Saturday Night Live recap: John Mulaney returns for Halloween episode with musical guest the Strokes
John Mulaney is back again to host the final SNL before the 2020 presidential election.
Boo! Welcome, my fellow Coneheads, to a particularly spooky SNL in Review! From David S. Pumpkins, to Matt Foley’s scary story, Saturday Night Live has an illustrious history producing memorable Halloween-themed sketches. Tonight’s show, hosted by John Mulaney with musical guests the Strokes, is only the fourth episode in the show’s history to fall on Halloween itself, and the first since season 18’s show hosted by Catherine O’Hara. (Her spine-tingling monologue remains a personal favorite; she should host again!) The original Halloween SNL occurred in the fourth episode of season 7, hosted by Halloween's Dr. Sam Loomis himself, Donald Pleasence. That show featured the notorious and famously chaotic musical performance from Fear, which you can view here.
I am joined tonight by former SNL cast member, Dan Vitale! He has been in New York City for over 40 years, and says the city “isn't the nightmare it felt like last spring,” when it had a Vietnam War vibe, due to the pandemic. As a long-time stand-up comic, and someone who’s worked with Lorne Michaels on a number of shows, I asked him about SNL doing live shows as COVID-19 cases are on the rise. His response: “If they're going to do the show at all, I guess they have got to try and make at least a limited live audience work, or what's the point? That Zoom biz ain't cutting it...I gotta figure they're testing, taking temperatures, making staff people distance, they wouldn't wanna put a taint on the franchise, especially in light of the fact that venerated SNL musical director Hal Willner was sadly an early fatality from COVID.”
Still, he says he is watching tonight “if only to see if John Mulaney can keep the streak of solid stand-up opening monologues, i.e. Chris Rock/Bill Burr. If you think about it, SNL’s probably the only place you can see fresh stand-up (right now). I don't believe the big talk shows have returned to even a limited live audience. I've seen a bit of Mulaney before, he's sharp — smart funny — (and) he's probably psyched to host having gotten his start on SNL as a writer.”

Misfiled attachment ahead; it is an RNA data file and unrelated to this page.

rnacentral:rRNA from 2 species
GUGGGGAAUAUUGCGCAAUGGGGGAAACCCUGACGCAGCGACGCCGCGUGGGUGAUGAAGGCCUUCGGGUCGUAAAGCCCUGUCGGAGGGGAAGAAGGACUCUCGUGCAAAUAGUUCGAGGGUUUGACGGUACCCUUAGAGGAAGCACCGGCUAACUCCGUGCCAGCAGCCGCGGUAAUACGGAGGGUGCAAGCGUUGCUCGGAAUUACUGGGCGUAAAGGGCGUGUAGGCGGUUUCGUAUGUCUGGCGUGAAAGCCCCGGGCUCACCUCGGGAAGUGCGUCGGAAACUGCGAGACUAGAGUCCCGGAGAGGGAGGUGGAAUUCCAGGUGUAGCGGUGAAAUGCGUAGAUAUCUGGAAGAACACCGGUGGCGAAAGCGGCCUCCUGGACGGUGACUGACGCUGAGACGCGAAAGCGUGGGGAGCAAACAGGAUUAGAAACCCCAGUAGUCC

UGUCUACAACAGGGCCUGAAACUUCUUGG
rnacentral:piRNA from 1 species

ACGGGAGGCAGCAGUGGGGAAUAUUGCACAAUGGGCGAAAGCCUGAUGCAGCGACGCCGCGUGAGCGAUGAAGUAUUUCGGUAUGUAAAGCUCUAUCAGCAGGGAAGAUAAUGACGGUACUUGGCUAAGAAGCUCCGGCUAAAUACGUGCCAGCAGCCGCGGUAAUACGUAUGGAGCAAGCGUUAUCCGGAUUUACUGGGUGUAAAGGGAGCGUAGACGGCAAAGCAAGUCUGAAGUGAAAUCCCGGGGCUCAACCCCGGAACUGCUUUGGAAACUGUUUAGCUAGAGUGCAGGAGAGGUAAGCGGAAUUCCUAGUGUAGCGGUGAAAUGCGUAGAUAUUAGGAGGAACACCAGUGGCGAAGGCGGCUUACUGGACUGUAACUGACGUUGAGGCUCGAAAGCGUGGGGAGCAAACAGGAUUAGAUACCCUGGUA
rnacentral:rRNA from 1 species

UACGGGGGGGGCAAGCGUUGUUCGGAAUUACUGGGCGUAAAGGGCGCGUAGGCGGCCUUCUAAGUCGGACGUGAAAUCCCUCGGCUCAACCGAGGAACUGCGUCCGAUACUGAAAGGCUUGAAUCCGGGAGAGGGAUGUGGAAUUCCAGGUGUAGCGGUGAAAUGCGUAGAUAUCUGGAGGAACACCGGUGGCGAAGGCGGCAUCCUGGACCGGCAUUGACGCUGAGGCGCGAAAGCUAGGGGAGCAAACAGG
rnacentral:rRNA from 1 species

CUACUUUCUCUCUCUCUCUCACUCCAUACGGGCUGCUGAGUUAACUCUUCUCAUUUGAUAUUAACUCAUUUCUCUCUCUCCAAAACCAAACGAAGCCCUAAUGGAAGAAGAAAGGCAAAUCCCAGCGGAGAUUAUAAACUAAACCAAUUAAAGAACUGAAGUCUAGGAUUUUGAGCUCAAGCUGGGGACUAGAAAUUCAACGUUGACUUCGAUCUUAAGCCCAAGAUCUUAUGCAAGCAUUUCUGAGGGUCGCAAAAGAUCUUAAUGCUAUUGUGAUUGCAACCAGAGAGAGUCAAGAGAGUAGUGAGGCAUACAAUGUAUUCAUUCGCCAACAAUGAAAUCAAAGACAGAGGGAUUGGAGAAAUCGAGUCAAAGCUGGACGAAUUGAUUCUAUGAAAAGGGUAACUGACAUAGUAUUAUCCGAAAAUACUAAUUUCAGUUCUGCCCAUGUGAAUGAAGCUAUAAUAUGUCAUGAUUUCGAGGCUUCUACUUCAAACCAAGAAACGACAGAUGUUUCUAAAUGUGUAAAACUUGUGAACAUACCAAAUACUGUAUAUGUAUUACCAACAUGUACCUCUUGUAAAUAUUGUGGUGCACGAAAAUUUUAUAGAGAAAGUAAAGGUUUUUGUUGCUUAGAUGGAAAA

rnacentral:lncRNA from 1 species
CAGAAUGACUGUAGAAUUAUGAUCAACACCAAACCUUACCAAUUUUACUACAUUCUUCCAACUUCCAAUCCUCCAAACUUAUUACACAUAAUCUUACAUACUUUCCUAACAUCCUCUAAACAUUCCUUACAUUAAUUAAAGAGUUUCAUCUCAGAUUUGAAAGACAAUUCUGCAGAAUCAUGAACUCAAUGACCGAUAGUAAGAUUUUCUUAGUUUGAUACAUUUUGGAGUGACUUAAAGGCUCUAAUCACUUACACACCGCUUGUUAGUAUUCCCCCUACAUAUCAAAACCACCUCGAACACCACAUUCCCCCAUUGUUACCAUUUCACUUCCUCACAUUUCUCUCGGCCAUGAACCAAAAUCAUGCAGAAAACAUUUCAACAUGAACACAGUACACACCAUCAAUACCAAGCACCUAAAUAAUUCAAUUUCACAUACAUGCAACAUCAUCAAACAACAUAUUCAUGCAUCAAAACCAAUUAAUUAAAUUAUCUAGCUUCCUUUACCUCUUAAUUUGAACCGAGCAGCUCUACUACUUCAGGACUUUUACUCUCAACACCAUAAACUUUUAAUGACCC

Indeed as Vitale says, Mulaney is a former SNL writer, and one of the best stand-ups around. It makes sense to give him the ball. Tonight is his fourth hosting gig — his last time in the arena was the SNL Leap Year show in February. (It feels like a lifetime but was only eight short months ago!) This is also the Strokes’ fourth time on the show — they first performed way back in season 27. Buckle up for a fright fest, gang! (And queue Fire Marshall Biden in ... 3 ... 2 ... 1 ...)
With almost 48 hours exactly until Election Day, we get a holiday message from Former Vice President Joe Biden (Jim Carrey). “It’s a spooky time … but also Halloween!” He reminds us about the next holiday: Election Day! He wants to read us a scary story — no not Trigger, Edgar Allen Poe’s The Raven! It’s been tailored to be about the current state of play. Hillary Clinton (Kate McKinnon) pops up: “We lost before!” instead of “Nevermore!” She warns him about pending doom.
“I was wrong before!” says super wonk Nate Silver (Mikey Day), who lays out the odds. It is fun having Carrey deliver the poem.
Chris Redd and Kenan Thompson pop up to play Trump supporters Ice Cube and Lil Wayne. Thompson has played Cube on the show before. And Wayne — who has performed as the musical guest several times on the show — was impersonated by Jay Pharoah on the February 12, 2011, episode during Weekend Update. Next up is Kamala Harris (Maya Rudolph) and Mitch McConnell (Beck Bennett). The Kentucky Senator has “Old Man Purple” - his blood hates his body. Rudolph implores the crowd to vote on Tuesday. “Gain an hour and lose a president!” Carrey hollers.
Vitale says: “I've never loved this Alec Baldwin/Trump schtick, they seem to go on forever … This Jim Carrey/Biden thing looks troublesome. I hear he's been criticized for playing it too intense or manic, but what would people expect? It's Jim Carrey for chrissake.”
He also mentions “Cecily Strong showing up as Trump’s screaming daughter-in-law was a stroke of brilliant comedy.”
The elephant in the room? Season 46 has been lively and fun for the most part so far: these cold opens are a flat tire, however, and it takes these episodes a bit to recover.